first_imgSt Jago High School’s Class One 400-metre star Sean Bailey wants to follow in the footsteps of his elder sister and former World and Olympic champion, Veronica Campbell-Brown.Bailey who won his 400m semi-final yesterday in 47.78 seconds, said the former world and Olympic 100 and 200 metres champion serves as his greatest motivation, and though he knows it will not be an easy task to reach her levels of accomplishment internationally, he is seriously trying to get there.”She is my biggest motivation. Every day before an event, she tells me to do my best and enjoy myself. She always tells me that track and field does not stop at high school and that it’s much greater than that, and it can be a profession. So she is very involved (in life), especially educational wise and I am glad to have a sister like her,” Bailey told The Gleaner.The youngster dreams of becoming a world-rated athlete in the future, and he is aware of the amount of effort that is needs to get to the top.’Great legacy'”It’s a great motivation to strive to be a World champion like VCB, as I would like to keep up the tradition of her. It’s a great legacy,” he said.Bailey, who is expected to be one of the main challengers to Kingston College’s (KC) Akeem Bloomfield’s, says upsetting the big KC runner and taking the gold would be very satisfying for himself and big sister.”She is always telling me that everyone is human being and they breathe the same breath, so I can beat anybody, so it would mean a lot to her (if win 400m final),” he said.The quarter-miler, who is still recovering from an injury, hopes to complete the championship healthy so that he will be fit for the Carifta Games.”I know I am not 100 per cent and I went out and gave it my best just to make sure St Jago wins this championship. My expectation is to finish injury-free so I can go and represent Jamaica at the CARIFTA Games. That’s my aim,” he said. – L.S.last_img read more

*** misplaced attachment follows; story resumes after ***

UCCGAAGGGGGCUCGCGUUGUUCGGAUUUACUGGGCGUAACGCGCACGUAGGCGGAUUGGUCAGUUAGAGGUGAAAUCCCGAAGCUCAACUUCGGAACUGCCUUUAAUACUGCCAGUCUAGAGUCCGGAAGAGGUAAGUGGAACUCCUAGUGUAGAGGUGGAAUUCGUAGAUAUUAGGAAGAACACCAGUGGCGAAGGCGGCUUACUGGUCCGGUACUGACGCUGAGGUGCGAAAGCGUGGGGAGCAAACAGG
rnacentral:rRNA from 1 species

first_imgShare Facebook Twitter Google + LinkedIn Pinterest The end result of a crop depends very highly on the conditions above and below the dirt at planting time. Eric Anderson, a product development agronomist from Syngenta, visited with the Ohio Ag Net’s Ty Higgins about some things to consider before the planters roll.last_img

first_imgShare Facebook Twitter Google + LinkedIn Pinterest The road to National FFA Office is as high-stakes as one would imagine. OCJ FFA Reporter Meredith Oglesby sits down with Ohio’s National FFA Officer candidate, Kolesen McCoy to talk about his journey to National Office.last_img

first_imgUnion Sports Minister Ajay Maken.Union Sports Minister Ajay Maken on Tuesday said the government was being pressurised through diplomatic channels by some companies, involved in organising the Commonwealth Games (CWG), to get their unpaid dues. Terming it unfair practice, Maken said the payments would be cleared but the government was waiting for the clearance on such companies by the investigation agencies probing the alleged irregularities in the conduct of the Games. “Efforts are being made to put pressure through diplomatic channels. It is not fair. Companies not under the scanner have been paid their money,” Maken said outside Parliament. Unpaid bills related to the Delhi Games held in October last year are turning out to be a major embarrassment for India. As many as eight countries had recently lodged an official complaint with the government over yet to be cleared payments of $74 million related to the CWG. A letter signed jointly by the top diplomats of these countries – Australia and seven from Europe (Britain, France, Germany, Italy, Belgium, Switzerland and the Netherlands) – has warned the government that putting off the issue further might affect future investment in India. These countries want India to pay back for broken contracts and equipment still stuck in customs since the Delhi Games. They have also complained bitterly about unpaid fees for organising the opening and closing ceremonies.- With agency inputslast_img read more